State, asking if the veterans regar<
ed such terms as proper when a|
plied to the soldiers of the confei
eracy. "Do not these expressions,
used by southerners, concede tl
northern contention that secessic
was rebellion?" it asked.
General Carr in a reply to tl
newspaper declared the terms a:
pervasions of history when applit
to confederate soldiers because hi
tory has proved they were n
rebels." The commander-in-chiel
message was endorsed unanimously
General haldeman, as chairmi
of the Jefferson Davis memorial a
l sociation which is raising funds
J erect a monument 315 feet in heig
to the president of the confedera
at his birthplace, Fairview, K;
twelve miles from Hopkinsville, j
ported that the fund lacked on
$15,000 of completion. He annoui
ed that the work would not proce
until the remaining sum needed h
been contributed and asked that t
A Non-Partisan Family Newspaper. De
'WATAUGA CABBAGE GROWtRS
Anyone visiting the court house
e'last Saturday would have been connjvinced
that there was something
lS; going on; the place was alive with
e J farmers talking cabbage and kraut.
e I This was the first meeting of the
t|! farmers who have signed the co,8j
operative cabbage contract. In look|
ing over the crowd one was struck
t with the fact that there was as a
e! bunch of farmers as good as could be
' found in Watauga County, and that
j means as good as could be found any
. The first thing on the program was
to form the Watauga Co-operative
Cabbage Growers' Association and
elect Dirpct?r? to ron/lnA tlio Kun'
e ness. In order to have the Directors
j equally distributed the County was
g divided into six sections, according;
to the members actually signed up,
and each section nominated two men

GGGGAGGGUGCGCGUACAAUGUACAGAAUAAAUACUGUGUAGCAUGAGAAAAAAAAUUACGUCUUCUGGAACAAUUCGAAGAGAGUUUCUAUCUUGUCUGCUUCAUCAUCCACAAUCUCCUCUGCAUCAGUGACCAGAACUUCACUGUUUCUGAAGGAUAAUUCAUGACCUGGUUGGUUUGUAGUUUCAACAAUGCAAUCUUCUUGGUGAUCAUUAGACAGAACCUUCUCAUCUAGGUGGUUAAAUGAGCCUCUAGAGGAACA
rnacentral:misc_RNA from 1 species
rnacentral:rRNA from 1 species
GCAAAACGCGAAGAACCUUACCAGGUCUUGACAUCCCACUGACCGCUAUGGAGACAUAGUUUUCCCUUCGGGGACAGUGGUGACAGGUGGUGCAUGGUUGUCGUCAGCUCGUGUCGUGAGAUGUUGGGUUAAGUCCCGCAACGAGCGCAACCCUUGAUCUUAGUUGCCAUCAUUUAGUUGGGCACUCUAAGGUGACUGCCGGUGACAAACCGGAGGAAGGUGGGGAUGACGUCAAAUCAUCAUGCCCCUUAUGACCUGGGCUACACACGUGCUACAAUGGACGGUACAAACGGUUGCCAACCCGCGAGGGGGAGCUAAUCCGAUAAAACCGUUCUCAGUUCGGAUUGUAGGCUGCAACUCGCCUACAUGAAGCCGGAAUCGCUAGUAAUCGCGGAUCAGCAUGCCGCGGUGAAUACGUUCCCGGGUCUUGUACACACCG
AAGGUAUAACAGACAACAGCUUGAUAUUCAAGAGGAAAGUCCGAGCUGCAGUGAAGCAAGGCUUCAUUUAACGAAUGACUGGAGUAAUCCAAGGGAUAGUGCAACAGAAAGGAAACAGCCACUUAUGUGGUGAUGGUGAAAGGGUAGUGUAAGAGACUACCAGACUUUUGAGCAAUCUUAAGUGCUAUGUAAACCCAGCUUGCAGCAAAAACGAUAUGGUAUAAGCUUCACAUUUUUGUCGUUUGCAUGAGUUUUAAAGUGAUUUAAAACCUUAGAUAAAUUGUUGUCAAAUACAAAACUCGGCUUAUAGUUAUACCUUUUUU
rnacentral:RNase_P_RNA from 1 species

n as representative of their group.
^ Those nominated were placed before
the whole body and one man chosen
g from each group. The election was
by secret ballot and resulted in favor
of the following men : J. C. Mill'r,
H. Nonl Blair, N. L. Mast, W. L.
g Winkler, C. J. Farthing, and M. 11.
^ Norris. The seventh Director will be
appointed by Dr. B. W. Kilgore, Di^
rector of Agricultural * Extension
p Work in North Carolina. The Direc-1
tors will hold their tirst meeting
Saturday, April 21.
j This organization proposes to pur?
chase a site and build a packing
u house with kraut factory and canning '
& equipment combined, and to be ready
t for operation by the time cabbage are |
n ready to cut.
We understand that a part of the i
cabbage are to be put on the market j
as graded cabbage, only the firm I
' medium sized heads, but that about
fifty to 6ixty percent of the cabbage
' will be manufactured into souer
kraut and sold in the most remuneral
County Agent Steele, who m
, gated this move, and Ncai H. Pdr > .
a i __ _ > .
v.to nas given r.n * ' '
recently spent a week visiting the> 4
markets and the state tha: every.
groceryman visited on the tr ip pr. r
mised to handle the Watauga pro"
ducts. There is also a movement on
toot all over North Carolina to ine
ducc the State institutions to use
North Carolina products. If this is
ft done we will be the only ones in a
position to furnish saner kraut; in!
that case the Association will be able;
to handle a much larger volume of;
r business than they were planning to!
undertake this year.
1 Daughters of the Confederacy and
the veterans assist, in completing the i
^ Mrs. Livingston Rowc Schuyler
e of New York city, president-general
" of the Daughters, followed General
J ?? .1- -
- iiaiucnuui aim |J1UIIUM.'U UK' ?>Uppun>;
' t oi her organization. She* prefaced j*
" j i;?*r remarks w ith the declaration !'
j that although she was a resident of 4